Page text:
Stack Overflow is a community of 4.7 million programmers, just like you, helping each other.

Join them; it only takes a minute:

Sign up
Join the Stack Overflow community to:
  1. Ask programming questions
  2. Answer and help your peers
  3. Get recognized for your expertise

I have linux c++ multithreaded application. Now it's tested on production servers and have segfault. Problem is that I cannot reproduce that error on any of my test servers and have no access to production servers. I have no dump or any other useful information. Only line: segfault at 0000000046bf0fb8 rip 000000000048ac6b rsp 0000000046bf0fa0 error 6

I would like to ask community can I get from such line some information which will help decrease area of possible places where I should search. I cannot run debug build on production because of its slow speed. What can I add to release which help me debug? This bug looks like multithread bug, and hard to reproduce. But I'm not sure, because application works with a lot of different emails from MTA.

Platform: Linux

Compiler line: g++ -O3 -D_REENTRANT

Thank you.

upd.: Thanks for your answers. I can include debug information. I'd like to know base methods of debugging release builds. For example I have dump and release version. How should I continue. What should I read about that? Can you explain in few words how you debug your application if possible? Thank you.

share|improve this question

As Andy mentioned, leave the debugging symbols in when you make your release builds.

If this makes the size of the finished executable unacceptably large, then you can make a copy of the final executable and run it through strip to remove the debug symbols. This way you have two executables that are identical except one has debug symbols and the other does not. Put the one without symbols on the production server. When it segfaults, debug against the copy of the executable that still contains debug symbols.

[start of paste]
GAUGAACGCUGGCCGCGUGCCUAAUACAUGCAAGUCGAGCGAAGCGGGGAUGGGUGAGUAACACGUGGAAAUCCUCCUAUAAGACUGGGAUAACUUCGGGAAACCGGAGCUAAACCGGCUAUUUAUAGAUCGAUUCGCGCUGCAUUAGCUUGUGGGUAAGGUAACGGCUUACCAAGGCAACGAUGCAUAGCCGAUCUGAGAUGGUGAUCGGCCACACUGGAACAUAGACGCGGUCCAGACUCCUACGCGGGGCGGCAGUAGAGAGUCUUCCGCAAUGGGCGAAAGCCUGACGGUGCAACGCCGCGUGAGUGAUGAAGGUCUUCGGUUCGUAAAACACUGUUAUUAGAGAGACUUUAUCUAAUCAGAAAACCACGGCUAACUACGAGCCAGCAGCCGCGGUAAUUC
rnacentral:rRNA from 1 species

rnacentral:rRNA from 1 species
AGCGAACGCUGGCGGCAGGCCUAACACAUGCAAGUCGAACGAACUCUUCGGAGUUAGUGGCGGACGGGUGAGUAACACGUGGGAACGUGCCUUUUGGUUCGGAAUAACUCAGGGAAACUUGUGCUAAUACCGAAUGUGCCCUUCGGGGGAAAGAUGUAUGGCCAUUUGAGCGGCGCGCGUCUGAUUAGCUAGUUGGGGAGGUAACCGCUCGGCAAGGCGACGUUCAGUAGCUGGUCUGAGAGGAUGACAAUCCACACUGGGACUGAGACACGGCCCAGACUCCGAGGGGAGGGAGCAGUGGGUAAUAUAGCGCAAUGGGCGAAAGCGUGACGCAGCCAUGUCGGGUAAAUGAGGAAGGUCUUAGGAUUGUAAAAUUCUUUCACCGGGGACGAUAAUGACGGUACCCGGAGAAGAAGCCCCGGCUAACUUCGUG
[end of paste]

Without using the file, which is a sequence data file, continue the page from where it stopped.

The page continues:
share|improve this answer

I've been reading the gdb manuals recently, and they recommend leaving the debugging symbols in e.g. g++ -g.

Since you don't have access to the production server maybe include some basic logging functionality that'll output a data to a text file. You should be able to narrow down roughly where the error occurs, depending on which data has been output to your log file.

share|improve this answer

You can use gdb to get a backtrace of your program at the point where it segfaults even though you did not build your application with the debug flags. This will at least give you an idea where your application segfaults.

gdb <your_app_exe>
gdb> run
gdb> backtrace

or

gdb <your_app_exe>
gdb> core-file <generated_core_file>
share|improve this answer

You can (and should) build release executables with debug information. If you don't want to distribute executables containing the debug information, then you can separate the debug information and install it later for debugging. That's what we do in our application.

share|improve this answer
    
Thanks. I can include debug information. I'd like to know base methods of debugging release builds. For example I have dump and release version. How should I continue. What should I read about that? Can you explain in few words how you debug your application if possible? Thank you. – Dmitriy May 27 '09 at 17:41
    
@Dmitriy Debugging release builds is in no way different from debugging debug builds. You may experience that you can't see certain variables when you step through the code, as the compiler may have optimized them away from that location, but otherwise it's equal to debugging a non release build. – lothar May 27 '09 at 18:41

well i found another solution, which i m using very frequently, we normally get the stack (which we got in this case).

i have a executable which we deploy on some embedded platform. let say my executable is server. i use addr2line -e ./server and i paste the stack which i got from customer. it will give u the details of line where problem occur.

it might help you.

Thanks

share|improve this answer

Your Answer

 
discard

By posting your answer, you agree to the privacy policy and terms of service.

Not the answer you're looking for? Browse other questions tagged or ask your own question.